In February, David Barstow came to Poynter for an event featuring Pulitzer winners from the year before. Each spoke about their work and the impact that work had.
Barstow, a reporter with The New York Times, spoke about his Pulitzer-winning piece on Wal-Mart corruption in both Mexico and the U.S. During that talk and in an interview after, Barstow talked about trail magic.
It’s a term that comes from hiking the Appalachian Trail, he said, when you run out of supplies or get lost and someone comes along with the thing that you need. “And I kind of think that same philosophy applies to journalism.”
Something happens, as you’re reporting, when the right stuff comes along (after lots of door knocking and question asking.)
Barstow called it trail magic.
For him, it happened one day in a desolate hotel. Barstow was reporting when he got a text message to be at the ice machine on the fourth floor at 8 p.m.
“So, like a fool, I go to the ice machine,” he said.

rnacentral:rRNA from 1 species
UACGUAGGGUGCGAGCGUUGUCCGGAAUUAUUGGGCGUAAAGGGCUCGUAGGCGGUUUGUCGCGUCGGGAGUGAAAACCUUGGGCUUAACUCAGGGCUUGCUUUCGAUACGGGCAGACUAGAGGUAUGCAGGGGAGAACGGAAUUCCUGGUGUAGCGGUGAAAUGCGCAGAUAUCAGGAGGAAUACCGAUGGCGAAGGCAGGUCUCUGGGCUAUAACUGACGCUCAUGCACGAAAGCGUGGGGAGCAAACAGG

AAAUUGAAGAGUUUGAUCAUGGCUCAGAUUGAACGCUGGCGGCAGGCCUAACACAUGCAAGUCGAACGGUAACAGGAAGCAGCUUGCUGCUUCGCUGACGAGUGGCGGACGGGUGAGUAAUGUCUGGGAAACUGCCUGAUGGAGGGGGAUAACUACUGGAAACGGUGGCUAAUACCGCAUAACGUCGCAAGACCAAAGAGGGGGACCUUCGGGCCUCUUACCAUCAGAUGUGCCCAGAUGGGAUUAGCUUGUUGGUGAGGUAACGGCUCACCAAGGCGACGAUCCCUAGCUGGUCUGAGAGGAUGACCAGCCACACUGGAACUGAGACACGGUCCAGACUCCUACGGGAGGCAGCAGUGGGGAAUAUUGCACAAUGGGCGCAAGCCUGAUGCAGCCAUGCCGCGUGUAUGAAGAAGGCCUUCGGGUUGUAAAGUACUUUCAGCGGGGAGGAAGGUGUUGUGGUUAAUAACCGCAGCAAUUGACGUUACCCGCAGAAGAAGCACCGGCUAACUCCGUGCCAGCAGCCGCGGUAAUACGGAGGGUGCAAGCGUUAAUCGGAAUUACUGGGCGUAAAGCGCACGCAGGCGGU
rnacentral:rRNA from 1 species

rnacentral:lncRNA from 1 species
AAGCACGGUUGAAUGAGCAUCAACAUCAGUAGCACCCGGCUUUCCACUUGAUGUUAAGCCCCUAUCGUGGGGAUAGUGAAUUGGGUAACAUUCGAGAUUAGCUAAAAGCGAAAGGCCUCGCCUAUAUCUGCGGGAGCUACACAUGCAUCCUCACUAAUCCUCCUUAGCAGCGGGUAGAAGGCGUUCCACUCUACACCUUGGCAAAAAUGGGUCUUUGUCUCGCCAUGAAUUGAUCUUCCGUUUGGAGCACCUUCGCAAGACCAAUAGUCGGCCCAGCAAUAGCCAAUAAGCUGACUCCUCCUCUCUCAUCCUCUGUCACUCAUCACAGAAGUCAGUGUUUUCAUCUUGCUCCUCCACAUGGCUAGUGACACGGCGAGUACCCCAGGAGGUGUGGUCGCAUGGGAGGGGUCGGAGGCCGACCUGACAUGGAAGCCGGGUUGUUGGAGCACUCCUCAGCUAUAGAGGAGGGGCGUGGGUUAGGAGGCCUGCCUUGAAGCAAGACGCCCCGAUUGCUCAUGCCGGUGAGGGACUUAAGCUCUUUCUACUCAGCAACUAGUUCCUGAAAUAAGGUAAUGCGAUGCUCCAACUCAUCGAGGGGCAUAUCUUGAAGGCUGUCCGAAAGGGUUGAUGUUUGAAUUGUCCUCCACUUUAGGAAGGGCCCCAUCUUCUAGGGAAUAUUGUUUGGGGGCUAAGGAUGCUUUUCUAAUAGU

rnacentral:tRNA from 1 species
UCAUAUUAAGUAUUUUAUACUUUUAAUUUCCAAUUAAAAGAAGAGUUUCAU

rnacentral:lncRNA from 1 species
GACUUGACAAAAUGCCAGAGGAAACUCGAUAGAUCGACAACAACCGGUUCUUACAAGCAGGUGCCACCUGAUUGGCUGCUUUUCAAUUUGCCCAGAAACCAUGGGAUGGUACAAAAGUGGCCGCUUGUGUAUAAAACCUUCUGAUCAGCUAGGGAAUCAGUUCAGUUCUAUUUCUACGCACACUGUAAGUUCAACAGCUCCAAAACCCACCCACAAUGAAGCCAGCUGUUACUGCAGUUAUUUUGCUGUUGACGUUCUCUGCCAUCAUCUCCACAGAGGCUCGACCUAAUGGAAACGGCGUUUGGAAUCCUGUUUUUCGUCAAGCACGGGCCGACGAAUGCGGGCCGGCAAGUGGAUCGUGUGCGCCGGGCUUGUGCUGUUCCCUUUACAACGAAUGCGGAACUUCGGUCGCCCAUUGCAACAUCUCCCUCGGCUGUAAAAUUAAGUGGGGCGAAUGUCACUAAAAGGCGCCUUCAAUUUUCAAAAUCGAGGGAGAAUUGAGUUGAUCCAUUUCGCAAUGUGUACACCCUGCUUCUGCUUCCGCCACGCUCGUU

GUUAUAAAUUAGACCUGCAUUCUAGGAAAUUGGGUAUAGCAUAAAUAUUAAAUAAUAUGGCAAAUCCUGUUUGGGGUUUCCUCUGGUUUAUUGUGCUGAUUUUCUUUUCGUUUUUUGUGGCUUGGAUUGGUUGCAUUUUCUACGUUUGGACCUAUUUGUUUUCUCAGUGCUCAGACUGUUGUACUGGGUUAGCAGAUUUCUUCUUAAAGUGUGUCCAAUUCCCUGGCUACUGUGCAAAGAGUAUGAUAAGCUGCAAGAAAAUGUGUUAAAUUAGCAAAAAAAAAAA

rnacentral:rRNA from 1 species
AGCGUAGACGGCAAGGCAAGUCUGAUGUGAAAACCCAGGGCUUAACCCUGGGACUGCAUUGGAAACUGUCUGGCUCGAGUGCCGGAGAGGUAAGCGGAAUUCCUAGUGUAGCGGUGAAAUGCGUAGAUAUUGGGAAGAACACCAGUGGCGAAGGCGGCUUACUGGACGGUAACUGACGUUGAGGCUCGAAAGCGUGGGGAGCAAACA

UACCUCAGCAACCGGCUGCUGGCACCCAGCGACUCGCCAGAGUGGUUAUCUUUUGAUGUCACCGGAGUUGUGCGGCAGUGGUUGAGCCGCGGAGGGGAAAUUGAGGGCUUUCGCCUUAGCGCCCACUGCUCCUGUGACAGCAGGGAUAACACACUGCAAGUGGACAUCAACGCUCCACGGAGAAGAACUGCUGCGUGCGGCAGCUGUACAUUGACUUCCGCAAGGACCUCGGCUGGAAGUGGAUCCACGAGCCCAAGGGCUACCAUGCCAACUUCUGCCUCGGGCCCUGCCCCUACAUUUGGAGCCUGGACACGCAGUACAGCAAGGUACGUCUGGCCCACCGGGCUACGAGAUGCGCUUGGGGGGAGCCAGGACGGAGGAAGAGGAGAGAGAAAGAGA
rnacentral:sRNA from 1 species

And someone else did, too. That person handed him a bag with a large hard drive. Barstow flew back to New York with that bag, and “inside that black box was thousands of internal Wal-Mart documents and emails,” he said.
One of them showed that people inside Wal-Mart suspected they’d violated U.S. and Mexican laws.
You can join Barstow today for a master class at Poynter. “The Life Cycle of an Investigative Story: Master Class with David Barstow.” It begins at 10:30 a.m.
Barstow will talk about the process of finding a story and what it’s like to live with it after. Here’s a clip from News University.